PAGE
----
I dream of becoming a homesteader. I’m not very close to that – yet – as far as I know – but I still like thinking about it. Before I even begin writing about how to make that happen, I want to record my thoughts on why it’s important. Here’s the first I’ve come up with.

1. We must spend so much time taking care of our homes, vehicles, gardens, tools, electronics and toys anyway.

We spend a lot of time, work and energy taking care of our things – and it’s horribly draining. Why not channel all this effort into a means of living? It would do two things: first, it would lessen the pressure for us to find work in order to live; second, it would take an amount of work we already find ourselves engaged in and make it infinitely more meaningful. Doing work that you know is not returning very much value is draining. Good work makes you feel good. In my experience, it makes me feel stronger, more solid; where doing what I consider to be pointless toil leaves me feeling empty, weak, empty, devoid of substance.  I find myself less solid than the world around me, less able to stand up to it and do what needs to get done.

So there would be a very definite and direct kind of fulfillment, to gradually shift to providing directly for myself, without the intermediary of an economy.

I’m currently reading Dover Press’s printing of an old collection of Gandhi’s newspapers articles. It’s titled “Non-violent Resistance (Satyagraha)”, and you can find it here.

Anyway, rather than treat this as a book review, I thought I’d periodically share my notes on what I’m learning from the book.

I began reading the book largely because of the Occupy Wall Street Protests. I wanted to learn for myself, from a respected practitioner, what non-violent protests are truly supposed to be about. Granted that, until I finish the book, the contents of these notes are not to be taken as any kind of prescription for modern times. I am merely going to set down ideas that strike me as being particularly insightful or essential. It will be equal parts for my own personal clarification and memory and to share with all of you out there. So I begin.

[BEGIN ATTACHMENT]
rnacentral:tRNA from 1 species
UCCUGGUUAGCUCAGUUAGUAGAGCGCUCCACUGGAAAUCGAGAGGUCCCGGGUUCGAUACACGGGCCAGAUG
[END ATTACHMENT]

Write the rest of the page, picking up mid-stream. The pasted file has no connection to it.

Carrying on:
0. Satyagraha means “grasping the truth.” Taking this as symbolic for all of Gandhi’s teachings on non-violence, it means the focus is not on attacking or disrupting the unjust directly but on holding on to what is true. It is something positive, rather than negative.

1. Gandhi does not advocate non-violence in all situations. In what I have read so far, he insists that using violence for political gains is ineffective and unjust. He explicitly writes that using violence for self-defense in emergency situations (he describes an assassination attempt) is perfectly acceptable. I have not read his opinion on war; my assumption is that he is against it.

2. Gandhi makes a distinction between non-violent protest and passive-resistance. He believes that passive-resistance refers to concession; to being non-violent because any attempt at violence would be defeated. He considers this to be participating in the violence by fearing it. He conceives of non-violent protest as something active – something planned and executed to gain something; not as a means of avoiding the offending party’s violence.

3. Everywhere is the word discipline. Discipline, discipline, discipline. He writes that actions of non-violent resistance that are not grounded in strict discipline and disorganization are mere criminal acts. He believes that non-payment of taxes is, theoretically, an acceptable and helpful tool in resisting an unjust government, but at one point he dissuades people from using it, because he does not feel that the people of India are sufficiently trained in the discipline of non-violence to not join it too easily.  He rather urges political leaders to spend more time planning and training their people than to rush into actions with severe consequences.

4. Non-violence must be total and completely thorough to be effective. Violence is not just physical violence, but also hateful speech, implicit participation in power structures that support violence or injustice, and any kind of punitive behavior. On the latter: he points out that staging boycotts against one party (e.g., the British Empire) is punitive rather than productive and therefore has no part in non-violent protest. Simply to reject is harmful. One must take up residence in what is true and helpful for one’s self. The protest, the resistance, is the rejection of any attempt to deny them that.